Oscar Pistorius is set to return to the dock for closing arguments on Thursday. File photo: Siphiwe Sibeko


Pretoria - The public is set to get a glimpse into the mind of murder-accused Oscar Pistorius when a psychological report on his mental state – especially at the time he shot his girlfriend, Reeva Steenkamp – is presented to court.

The high-profile Pistorius trial resumes in the North Gauteng High Court, Pretoria, on Monday after a break during which the Paralympian was referred to Weskoppies Hospital as an outpatient for assessment.

It followed evidence by psychiatrist Dr Merryl Vorster that he had a generalised anxiety disorder.

The outcome of the report, compiled by a panel of four experts who saw Pistorius over a period of weeks, could determine the way forward in the trial.

If the panel finds Pistorius suffers from a mental condition that possibly renders him not criminally responsible for his actions, he could be acquitted, or it could become a mitigating factor if he is convicted.

However, it could also mean he is sent to a psychological hospital for a period deemed fit by the court.

This is according to a former acting judge and one of the country’s top senior advocates, who for ethical reasons cannot be identified.

He acquitted a man some years ago who shot and killed his wife, but was found not to be criminally responsible for his deeds at the time of committing the offence.

The advocate said that if it was found Pistorius was criminally responsible for his actions at the time of shooting Steenkamp, but that his capacity to appreciate its wrongfulness was diminished by reason of a mental defect, this could be used (in the case of a conviction) as a mitigating factor in sentencing.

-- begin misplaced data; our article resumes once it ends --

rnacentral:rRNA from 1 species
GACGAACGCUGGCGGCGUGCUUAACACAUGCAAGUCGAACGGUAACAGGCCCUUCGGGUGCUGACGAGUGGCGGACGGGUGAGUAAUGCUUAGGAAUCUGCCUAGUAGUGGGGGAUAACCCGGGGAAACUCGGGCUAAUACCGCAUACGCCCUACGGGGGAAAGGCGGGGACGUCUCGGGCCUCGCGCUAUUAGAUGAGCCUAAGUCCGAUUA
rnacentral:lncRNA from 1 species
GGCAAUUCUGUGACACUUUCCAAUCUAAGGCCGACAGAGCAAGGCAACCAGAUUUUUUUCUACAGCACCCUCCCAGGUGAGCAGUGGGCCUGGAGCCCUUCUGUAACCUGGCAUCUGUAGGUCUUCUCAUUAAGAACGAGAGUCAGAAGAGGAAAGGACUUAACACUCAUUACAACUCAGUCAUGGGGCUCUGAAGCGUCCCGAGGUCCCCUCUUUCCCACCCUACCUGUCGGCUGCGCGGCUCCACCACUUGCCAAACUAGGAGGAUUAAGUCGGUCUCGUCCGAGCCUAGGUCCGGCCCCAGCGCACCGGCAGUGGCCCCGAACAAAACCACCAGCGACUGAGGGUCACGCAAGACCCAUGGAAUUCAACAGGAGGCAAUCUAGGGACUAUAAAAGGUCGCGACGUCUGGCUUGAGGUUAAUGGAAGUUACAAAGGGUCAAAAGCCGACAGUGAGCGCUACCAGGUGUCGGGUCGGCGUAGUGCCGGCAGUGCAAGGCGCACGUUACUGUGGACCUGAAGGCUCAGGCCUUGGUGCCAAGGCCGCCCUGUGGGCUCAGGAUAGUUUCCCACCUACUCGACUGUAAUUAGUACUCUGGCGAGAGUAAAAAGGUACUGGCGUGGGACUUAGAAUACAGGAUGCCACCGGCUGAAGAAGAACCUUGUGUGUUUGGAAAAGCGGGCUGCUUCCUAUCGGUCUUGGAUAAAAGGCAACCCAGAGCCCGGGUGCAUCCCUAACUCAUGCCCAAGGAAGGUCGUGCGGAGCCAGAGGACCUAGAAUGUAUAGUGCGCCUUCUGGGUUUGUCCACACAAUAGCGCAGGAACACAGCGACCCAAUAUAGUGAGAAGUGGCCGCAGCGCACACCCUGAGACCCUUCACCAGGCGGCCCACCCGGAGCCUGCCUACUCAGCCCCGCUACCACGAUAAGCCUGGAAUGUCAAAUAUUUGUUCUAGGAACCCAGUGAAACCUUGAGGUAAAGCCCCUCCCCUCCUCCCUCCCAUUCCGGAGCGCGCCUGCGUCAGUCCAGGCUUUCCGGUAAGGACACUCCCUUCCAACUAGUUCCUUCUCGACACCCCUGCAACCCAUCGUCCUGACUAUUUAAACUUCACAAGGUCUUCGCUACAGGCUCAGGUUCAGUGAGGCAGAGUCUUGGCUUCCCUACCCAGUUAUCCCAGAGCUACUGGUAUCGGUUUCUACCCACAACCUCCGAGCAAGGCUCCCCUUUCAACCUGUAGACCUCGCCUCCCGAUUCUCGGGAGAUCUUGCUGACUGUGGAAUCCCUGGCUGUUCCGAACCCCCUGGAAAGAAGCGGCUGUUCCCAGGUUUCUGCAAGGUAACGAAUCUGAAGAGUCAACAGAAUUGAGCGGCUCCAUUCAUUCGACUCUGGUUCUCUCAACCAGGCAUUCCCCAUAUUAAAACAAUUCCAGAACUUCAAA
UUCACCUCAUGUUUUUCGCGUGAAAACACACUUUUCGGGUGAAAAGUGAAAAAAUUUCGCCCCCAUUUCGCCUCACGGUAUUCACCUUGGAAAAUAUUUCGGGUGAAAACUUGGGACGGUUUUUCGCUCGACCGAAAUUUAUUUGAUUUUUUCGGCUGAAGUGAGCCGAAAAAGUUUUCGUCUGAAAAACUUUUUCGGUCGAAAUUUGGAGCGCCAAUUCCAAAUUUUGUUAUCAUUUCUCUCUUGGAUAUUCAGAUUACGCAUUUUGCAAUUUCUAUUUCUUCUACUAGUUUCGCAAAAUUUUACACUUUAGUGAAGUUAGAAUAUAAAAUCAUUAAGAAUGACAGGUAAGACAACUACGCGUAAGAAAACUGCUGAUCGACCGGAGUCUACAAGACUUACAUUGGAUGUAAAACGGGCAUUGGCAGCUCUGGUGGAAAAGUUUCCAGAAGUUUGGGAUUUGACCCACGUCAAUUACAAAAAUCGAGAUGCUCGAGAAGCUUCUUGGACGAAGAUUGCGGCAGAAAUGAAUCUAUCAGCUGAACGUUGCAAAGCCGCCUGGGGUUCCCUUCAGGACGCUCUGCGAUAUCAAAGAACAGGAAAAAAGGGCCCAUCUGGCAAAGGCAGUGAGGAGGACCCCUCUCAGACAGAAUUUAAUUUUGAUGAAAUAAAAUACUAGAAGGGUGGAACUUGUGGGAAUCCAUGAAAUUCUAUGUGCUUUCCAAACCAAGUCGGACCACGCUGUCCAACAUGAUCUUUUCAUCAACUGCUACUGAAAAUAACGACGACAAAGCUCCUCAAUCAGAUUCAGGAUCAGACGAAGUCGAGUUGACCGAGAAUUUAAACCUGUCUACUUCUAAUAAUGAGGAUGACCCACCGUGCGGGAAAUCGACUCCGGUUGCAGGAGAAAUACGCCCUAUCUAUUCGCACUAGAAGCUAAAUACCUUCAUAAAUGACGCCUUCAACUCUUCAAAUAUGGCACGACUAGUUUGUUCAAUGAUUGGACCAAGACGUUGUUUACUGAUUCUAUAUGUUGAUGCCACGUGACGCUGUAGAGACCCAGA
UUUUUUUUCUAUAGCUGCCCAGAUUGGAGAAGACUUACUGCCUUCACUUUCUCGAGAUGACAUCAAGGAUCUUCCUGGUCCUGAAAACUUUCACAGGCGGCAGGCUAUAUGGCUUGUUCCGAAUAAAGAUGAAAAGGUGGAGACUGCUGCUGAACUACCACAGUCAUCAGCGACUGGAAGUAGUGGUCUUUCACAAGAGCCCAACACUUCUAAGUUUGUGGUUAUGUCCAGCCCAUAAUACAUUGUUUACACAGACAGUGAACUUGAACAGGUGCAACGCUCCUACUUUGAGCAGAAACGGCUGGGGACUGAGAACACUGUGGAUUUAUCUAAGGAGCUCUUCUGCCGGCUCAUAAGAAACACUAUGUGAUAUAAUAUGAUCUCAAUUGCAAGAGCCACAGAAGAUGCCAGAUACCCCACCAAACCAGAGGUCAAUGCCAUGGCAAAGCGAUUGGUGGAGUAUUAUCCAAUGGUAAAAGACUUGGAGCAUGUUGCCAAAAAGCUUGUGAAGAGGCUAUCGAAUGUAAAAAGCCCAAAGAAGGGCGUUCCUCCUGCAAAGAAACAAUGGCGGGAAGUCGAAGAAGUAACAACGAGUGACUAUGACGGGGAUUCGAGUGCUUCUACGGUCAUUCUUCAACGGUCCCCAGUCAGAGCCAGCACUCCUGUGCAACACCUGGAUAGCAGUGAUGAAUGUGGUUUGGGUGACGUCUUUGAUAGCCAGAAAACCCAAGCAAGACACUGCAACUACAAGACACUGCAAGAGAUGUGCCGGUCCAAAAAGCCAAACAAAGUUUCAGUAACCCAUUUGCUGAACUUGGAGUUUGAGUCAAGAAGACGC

“The aim is that the judge will bear this in mind when she sentences Pistorius,” he explained.

If the report is a unanimous finding of the three psychiatrists and one psychologist – and not disputed by the prosecution or defence – the court can determine the matter on the report without hearing any further evidence.

If the finding is not unanimous, the experts can be called to the witness stand to clear up the issues.

The defence and prosecution can also call members of the panel to testify if they did not agree with any of the findings and they may also call their own witnesses.

Pistorius has since May 26 been subjected to a battery of tests at Weskoppies, following an order by trial Judge Thokozile Masipa.

The defence opposed the application for Pistorius’s referral to Weskoppies and said they planned to call another witness to the stand, who will shed more light on Pistorius’s anxiety disorder.

Judge Thokozile Masipa, however, said she wanted all the facts at her disposal to assist her when she had to come to a verdict.

The defence, meanwhile, is expected to call about three more witnesses before it closes its case.

It is expected that the trial will then again be delayed for some time to enable the defence and the prosecution to compile written heads of argument, which will be handed to court.

These pertain to legal arguments as to whether Pistorius should be convicted or not.

Compared to his court appearances where he is under heavy media scrutiny, Pistorius has not been photographed since his admission.

However, interest is expected to increase in the case from on Monday.

On Sunday, international media crews were setting up equipment at their positions on the post office roof across the road from the high court from where they broadcast news of the trial across the world.

Once all evidence has been led, breaks are expected before closing arguments and for Judge Masipa to write her judgment.

Pretoria News